What was the first concert you attended?

Byron Jones Opry, with my grandparents north of Kansas City, Mo.

What was the first album you owned?

On vinyl: Johnny Rivers at the Whisky à Go-Go.

What bands are you listening to right now?

A lot of old 45s, mostly. But I listen to music on the Interweb as well, mostly buddies’ bands or bands from word of mouth, such as C.W Stoneking, Twain, the Banditos, Cactus Blossoms, Pat Reedy and the Longtime Goners, as well as Luke Bell who is at this festival.

What artist, genre or musical trend does everyone love, but you don’t get?

Pop country, and most pop music, actually.

What musical act, current or defunct, would you most like to see perform live?

This guy from the Kansas City area named Gary Kirkland made a record I found a long time ago called Gary Kirkland With Remnants of Buzzard Creek and Other Yahoos. I would have loved to see that band play live.

What’s your favorite musical guilty pleasure?

Old pop country.

What’s your favorite music venue?

I really enjoy the sound at The Basement in Nashville and Off Broadway in St. Louis.

What’s the one song lyric you can’t get out of your head?

“I was born a rambler and I’ll die a rambler way, it’s always been you see. Ooh I was born a dreamer and I’ll die a dreamer somewhere I ain’t supposed to be,” Kiki Cavazos.

What band or artist changed your life? How?

Probably the most (were the) members of Broken Wing Routine, Hurray for the Riff Raff, and Sundown Songs. I met most of them a long time ago in Oklahoma at (the) Woody Guthrie Folk Festival, and they not only influenced me to write and sing, but to travel with those songs as well.

You have one question to ask one musician. What’s the question, and who are you asking?

Merle Haggard: “What month did you say you wanted to tour?”

What song would you like played at your funeral?

Duane Eddy’s “Stalkin’.” Ha ha! I don't know; play something good!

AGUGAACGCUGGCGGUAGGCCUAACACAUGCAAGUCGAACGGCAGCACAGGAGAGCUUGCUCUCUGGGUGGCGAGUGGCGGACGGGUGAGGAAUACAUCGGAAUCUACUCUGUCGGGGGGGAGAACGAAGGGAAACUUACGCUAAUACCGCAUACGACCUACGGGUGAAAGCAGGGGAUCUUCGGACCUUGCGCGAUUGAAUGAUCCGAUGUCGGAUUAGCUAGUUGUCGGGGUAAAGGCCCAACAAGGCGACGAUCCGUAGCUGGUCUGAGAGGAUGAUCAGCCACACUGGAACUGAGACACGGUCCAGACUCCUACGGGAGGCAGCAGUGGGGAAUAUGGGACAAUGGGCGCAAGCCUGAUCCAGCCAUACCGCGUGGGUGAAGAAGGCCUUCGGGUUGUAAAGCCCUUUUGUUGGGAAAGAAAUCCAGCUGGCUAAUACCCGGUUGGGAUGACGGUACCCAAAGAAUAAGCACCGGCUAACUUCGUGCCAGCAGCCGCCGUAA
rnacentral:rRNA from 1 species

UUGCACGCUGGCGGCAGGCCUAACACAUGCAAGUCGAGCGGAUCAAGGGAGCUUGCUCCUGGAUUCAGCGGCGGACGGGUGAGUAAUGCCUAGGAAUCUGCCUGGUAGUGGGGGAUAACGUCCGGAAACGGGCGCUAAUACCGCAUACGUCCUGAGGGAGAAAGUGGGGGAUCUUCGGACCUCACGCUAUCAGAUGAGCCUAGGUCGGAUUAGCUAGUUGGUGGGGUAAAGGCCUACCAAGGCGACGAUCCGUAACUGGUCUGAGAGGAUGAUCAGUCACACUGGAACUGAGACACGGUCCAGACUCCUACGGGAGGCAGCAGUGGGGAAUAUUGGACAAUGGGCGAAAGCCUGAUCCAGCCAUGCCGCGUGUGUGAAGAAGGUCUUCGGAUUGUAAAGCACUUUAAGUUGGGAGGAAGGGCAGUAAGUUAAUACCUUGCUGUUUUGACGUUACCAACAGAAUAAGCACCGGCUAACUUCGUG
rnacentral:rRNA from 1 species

Figurative gun to your head, what is your favorite album of all time?

Reverend Gary Davis’ New Blues and Gospel.

What song should everyone listen to right now?

Jimmy Jay, “Run Wild (While You’re Young).” (Scrolll down to hear it.)

Published in The Lucky 13

The soul of New Orleans is a force in the music of the Deslondes—with some vintage country music thrown in, too.

You won’t want to miss them when they perform at 8 p.m., Friday, July 17 at Pappy and Harriet’s Pioneertown Palace.

“The music scene in New Orleans is pretty eclectic, and there’s a lot of live music,” said bassist Dan Cutler during a recent phone interview. “What we were mostly involved in, for a lack of a better word, was Americana. (The residents of New Orleans are) big fans of musical history as well as history in general. I feel like there have been a lot of different styles of American music over the years, and they’re appreciated in New Orleans.”

He explained that New Orleans has both traditional venues and nontraditional venues.

“Traditional jazz, brass bands and stuff like that—everyone loves it,” he said. “I think the big part of the music scene that we’re involved in is a big acoustic music scene, because of … playing on the street for tips—which is primarily an acoustic music venue, as far as I’m concerned. Anything you can play acoustically and don’t have to plug in—that stuff is pretty popular amongst our scene of friends.”